Tang Shengnan shot his video of the Expo 2010 Shanghai especially for elderly people in local nursing homes. Yong Kai for China Daily
One aging photographer delivers his footage of the Expo to nursing homes around the city, Wu Yiyao reports.
Amateur photographer Tang Shengnan decided to shoot his video of the Expo 2010 Shanghai after meeting elderly people in the city's nursing homes, who have been too intimidated to visit the event because of the heat and crowds.
Tang, 65, said he made up his mind to make the 29-minute short movie after visiting his sister's home and being greeted by a sea of bored faces.
"I used to go there and see all these elderly people sitting around doing nothing," he said. "They have very nice housing, but little in the way of entertainment. I was saddened to hear them saying they couldn't visit the Expo Garden because it was so intimidating."
Tang visited the Expo Garden five times to collect footage for his documentary, which he kept short. He queued for hours to get into the most popular pavilions, even though "they may only appear in my film for a couple of seconds", he said.
He spent 2,000 yuan ($300) yuan of his own money making 300 copies of the film, and delivered them himself on his bicycle.
He has since shown the movie to thousands of aging Shanghai locals in 10 homes, but he says he feels frustrated that he cannot do more.
"I've only been able to get to a fraction of the population of elderly people in the city. There are nearly 700 nursing homes here, but I don't have the means to deliver my discs to all of them," he said.
He has since contacted local authorities and enlisted their help in getting his film to more of the homes.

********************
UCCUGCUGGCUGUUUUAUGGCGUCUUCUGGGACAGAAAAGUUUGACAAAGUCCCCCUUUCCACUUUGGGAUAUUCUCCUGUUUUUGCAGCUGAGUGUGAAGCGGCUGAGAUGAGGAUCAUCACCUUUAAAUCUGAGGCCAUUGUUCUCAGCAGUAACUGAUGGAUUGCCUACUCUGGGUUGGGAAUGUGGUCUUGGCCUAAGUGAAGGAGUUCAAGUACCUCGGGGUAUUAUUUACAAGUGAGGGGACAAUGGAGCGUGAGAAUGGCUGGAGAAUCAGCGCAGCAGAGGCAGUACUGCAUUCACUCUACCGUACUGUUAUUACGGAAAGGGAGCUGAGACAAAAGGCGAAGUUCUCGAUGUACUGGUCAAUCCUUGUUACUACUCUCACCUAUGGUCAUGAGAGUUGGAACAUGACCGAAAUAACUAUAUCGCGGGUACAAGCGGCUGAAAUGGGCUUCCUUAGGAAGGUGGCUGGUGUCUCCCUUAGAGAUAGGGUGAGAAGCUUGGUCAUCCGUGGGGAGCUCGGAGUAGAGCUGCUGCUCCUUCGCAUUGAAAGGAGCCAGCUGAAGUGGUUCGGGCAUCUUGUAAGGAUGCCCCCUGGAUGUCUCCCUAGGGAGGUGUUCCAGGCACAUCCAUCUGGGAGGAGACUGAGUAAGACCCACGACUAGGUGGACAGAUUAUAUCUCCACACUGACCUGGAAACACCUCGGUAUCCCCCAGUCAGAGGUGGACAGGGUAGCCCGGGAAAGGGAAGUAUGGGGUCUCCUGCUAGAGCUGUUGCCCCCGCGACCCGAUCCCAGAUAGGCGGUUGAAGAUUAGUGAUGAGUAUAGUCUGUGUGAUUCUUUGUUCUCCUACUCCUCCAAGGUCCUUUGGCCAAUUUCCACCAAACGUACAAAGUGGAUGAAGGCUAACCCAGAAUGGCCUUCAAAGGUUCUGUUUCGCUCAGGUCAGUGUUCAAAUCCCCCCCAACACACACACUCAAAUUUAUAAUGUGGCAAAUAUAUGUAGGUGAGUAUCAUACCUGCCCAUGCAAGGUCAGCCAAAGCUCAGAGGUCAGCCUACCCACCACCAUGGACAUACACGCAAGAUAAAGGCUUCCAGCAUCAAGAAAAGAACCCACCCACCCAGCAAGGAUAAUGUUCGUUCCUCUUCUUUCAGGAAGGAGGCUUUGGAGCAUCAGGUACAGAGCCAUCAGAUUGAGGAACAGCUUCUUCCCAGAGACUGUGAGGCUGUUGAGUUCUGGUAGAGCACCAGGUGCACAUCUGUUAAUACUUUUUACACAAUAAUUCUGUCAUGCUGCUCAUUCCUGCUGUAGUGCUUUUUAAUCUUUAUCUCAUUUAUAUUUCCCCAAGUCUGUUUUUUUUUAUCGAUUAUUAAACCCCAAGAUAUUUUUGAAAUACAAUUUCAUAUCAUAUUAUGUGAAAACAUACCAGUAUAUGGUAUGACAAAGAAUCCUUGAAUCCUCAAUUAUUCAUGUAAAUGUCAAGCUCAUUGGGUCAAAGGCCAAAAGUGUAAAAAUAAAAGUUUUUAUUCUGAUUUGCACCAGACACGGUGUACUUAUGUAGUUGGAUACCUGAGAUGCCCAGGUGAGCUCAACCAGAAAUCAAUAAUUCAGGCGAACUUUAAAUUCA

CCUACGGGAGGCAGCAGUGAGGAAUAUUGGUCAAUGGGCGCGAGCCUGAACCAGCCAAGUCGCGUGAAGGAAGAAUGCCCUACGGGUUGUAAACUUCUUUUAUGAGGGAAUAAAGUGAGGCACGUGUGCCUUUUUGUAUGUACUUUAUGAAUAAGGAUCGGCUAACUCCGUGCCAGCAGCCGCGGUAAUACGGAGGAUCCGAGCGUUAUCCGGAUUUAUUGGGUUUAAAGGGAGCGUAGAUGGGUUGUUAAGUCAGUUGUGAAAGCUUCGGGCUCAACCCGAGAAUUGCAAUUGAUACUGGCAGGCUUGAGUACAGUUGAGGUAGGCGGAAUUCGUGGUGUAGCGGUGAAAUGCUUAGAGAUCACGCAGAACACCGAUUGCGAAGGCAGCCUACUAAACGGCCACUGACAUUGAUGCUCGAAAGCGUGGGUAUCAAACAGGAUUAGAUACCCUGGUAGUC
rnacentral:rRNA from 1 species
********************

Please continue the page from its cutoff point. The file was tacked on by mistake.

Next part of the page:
Tang said he had to return to the Expo repeatedly as he discovered factual gaps and curiosities in his original edit.
"As I looked at my early footage of the Italy Pavilion, for example, I realized that I had no idea who painted one of the pictures in the background, so I added this as background information in the script," he said.
He said his latest project helped fill a gap in his personal life after his relatives passed away.
"I spent 15 years taking care of my parents and my parents-in-law. They are now resting in peace, so I can help other elderly people around me."
Tang used to shoot beautiful brides and wedding ceremonies. Now he feels he is playing a more socially responsible role while showing others what is possible.
"When I help the elderly see the world, I am fulfilling my value as a senior citizen, as someone who wants to do something for other people despite my age," he said.
Readers who are interested in Tang's film can get free copies by calling 021-6475-9505.
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